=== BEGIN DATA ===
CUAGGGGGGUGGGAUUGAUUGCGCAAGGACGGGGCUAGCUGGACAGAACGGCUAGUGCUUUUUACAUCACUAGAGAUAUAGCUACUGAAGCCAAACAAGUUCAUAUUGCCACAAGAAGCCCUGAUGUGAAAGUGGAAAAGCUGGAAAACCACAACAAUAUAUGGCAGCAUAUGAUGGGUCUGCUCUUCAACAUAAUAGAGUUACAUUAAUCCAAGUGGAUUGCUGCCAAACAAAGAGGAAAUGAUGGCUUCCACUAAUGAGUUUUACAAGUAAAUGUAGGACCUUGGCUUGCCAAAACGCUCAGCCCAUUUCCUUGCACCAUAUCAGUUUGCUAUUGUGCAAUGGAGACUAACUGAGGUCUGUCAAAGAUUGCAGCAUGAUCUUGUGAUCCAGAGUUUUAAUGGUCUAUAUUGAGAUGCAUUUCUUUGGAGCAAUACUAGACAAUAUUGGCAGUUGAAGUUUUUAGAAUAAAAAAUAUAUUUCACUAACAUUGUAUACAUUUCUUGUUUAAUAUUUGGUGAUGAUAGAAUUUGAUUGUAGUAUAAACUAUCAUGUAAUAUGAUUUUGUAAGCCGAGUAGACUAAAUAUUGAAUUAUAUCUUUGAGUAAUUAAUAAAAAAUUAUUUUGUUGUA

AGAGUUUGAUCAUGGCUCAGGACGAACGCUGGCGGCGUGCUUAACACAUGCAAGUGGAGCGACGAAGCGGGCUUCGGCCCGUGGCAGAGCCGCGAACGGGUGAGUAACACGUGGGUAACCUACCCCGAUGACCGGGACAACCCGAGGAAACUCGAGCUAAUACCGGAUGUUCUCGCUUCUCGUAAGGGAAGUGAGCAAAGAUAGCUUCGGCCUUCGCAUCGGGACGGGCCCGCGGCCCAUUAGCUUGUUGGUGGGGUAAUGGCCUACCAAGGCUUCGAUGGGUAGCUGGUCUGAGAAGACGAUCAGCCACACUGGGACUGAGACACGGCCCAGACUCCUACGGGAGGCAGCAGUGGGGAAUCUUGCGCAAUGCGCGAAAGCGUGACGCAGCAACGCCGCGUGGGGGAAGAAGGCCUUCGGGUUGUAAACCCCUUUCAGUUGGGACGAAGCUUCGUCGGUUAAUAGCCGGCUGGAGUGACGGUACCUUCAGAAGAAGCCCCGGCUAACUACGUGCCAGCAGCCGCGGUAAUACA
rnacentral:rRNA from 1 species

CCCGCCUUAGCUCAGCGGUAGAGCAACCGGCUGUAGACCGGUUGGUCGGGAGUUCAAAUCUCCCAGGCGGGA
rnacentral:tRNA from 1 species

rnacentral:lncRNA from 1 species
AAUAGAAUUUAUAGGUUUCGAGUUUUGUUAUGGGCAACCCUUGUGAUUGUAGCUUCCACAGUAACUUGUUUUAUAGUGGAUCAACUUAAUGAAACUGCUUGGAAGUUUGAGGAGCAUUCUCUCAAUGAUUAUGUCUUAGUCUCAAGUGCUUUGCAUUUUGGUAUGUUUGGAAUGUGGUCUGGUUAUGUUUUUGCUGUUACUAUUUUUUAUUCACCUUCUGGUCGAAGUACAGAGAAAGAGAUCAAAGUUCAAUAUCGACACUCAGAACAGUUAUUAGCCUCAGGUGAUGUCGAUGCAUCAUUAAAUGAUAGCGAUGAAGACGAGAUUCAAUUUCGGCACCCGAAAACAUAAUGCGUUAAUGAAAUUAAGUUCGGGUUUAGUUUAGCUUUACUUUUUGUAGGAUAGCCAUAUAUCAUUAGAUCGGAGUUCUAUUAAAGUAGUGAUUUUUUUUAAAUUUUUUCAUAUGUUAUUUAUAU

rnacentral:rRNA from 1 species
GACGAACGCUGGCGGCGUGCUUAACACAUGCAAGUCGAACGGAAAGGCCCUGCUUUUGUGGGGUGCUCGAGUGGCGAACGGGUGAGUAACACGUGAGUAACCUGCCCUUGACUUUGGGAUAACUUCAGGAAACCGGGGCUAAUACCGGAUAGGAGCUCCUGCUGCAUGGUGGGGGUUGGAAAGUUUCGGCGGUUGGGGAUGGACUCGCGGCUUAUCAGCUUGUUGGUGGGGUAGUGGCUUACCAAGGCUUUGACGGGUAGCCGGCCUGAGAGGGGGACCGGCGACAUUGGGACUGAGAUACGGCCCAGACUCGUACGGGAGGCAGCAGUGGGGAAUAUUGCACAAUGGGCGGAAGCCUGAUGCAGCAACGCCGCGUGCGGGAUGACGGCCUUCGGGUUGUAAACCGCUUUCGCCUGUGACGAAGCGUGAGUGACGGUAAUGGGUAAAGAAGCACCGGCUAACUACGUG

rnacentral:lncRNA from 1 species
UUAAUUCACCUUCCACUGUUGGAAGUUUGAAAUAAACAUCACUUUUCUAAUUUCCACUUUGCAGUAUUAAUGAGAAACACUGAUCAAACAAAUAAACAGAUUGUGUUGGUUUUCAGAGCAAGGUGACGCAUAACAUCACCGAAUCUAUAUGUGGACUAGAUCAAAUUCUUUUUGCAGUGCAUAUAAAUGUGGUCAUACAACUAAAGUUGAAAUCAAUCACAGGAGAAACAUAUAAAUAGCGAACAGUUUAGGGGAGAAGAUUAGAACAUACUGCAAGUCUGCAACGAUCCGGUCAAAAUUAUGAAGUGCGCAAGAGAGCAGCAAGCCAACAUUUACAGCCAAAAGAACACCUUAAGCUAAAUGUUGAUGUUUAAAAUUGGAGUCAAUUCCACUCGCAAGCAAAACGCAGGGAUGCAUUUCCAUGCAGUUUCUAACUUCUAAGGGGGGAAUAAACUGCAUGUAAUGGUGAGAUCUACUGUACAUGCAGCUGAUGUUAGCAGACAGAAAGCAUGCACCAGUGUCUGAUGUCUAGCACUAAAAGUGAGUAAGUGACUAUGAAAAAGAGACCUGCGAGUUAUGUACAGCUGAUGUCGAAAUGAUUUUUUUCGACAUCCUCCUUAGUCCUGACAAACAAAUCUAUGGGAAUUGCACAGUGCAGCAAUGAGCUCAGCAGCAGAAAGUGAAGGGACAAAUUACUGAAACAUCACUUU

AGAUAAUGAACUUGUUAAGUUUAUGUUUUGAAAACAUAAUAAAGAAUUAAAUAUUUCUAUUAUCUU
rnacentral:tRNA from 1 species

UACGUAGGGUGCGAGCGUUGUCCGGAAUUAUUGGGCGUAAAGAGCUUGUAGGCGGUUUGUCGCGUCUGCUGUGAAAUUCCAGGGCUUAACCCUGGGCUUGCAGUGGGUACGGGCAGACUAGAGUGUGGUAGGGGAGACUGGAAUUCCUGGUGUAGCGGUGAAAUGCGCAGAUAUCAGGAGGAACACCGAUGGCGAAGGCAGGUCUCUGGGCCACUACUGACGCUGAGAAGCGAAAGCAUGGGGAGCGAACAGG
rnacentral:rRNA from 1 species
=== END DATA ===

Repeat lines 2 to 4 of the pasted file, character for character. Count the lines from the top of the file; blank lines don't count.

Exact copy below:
AGAGUUUGAUCAUGGCUCAGGACGAACGCUGGCGGCGUGCUUAACACAUGCAAGUGGAGCGACGAAGCGGGCUUCGGCCCGUGGCAGAGCCGCGAACGGGUGAGUAACACGUGGGUAACCUACCCCGAUGACCGGGACAACCCGAGGAAACUCGAGCUAAUACCGGAUGUUCUCGCUUCUCGUAAGGGAAGUGAGCAAAGAUAGCUUCGGCCUUCGCAUCGGGACGGGCCCGCGGCCCAUUAGCUUGUUGGUGGGGUAAUGGCCUACCAAGGCUUCGAUGGGUAGCUGGUCUGAGAAGACGAUCAGCCACACUGGGACUGAGACACGGCCCAGACUCCUACGGGAGGCAGCAGUGGGGAAUCUUGCGCAAUGCGCGAAAGCGUGACGCAGCAACGCCGCGUGGGGGAAGAAGGCCUUCGGGUUGUAAACCCCUUUCAGUUGGGACGAAGCUUCGUCGGUUAAUAGCCGGCUGGAGUGACGGUACCUUCAGAAGAAGCCCCGGCUAACUACGUGCCAGCAGCCGCGGUAAUACA
rnacentral:rRNA from 1 species

CCCGCCUUAGCUCAGCGGUAGAGCAACCGGCUGUAGACCGGUUGGUCGGGAGUUCAAAUCUCCCAGGCGGGA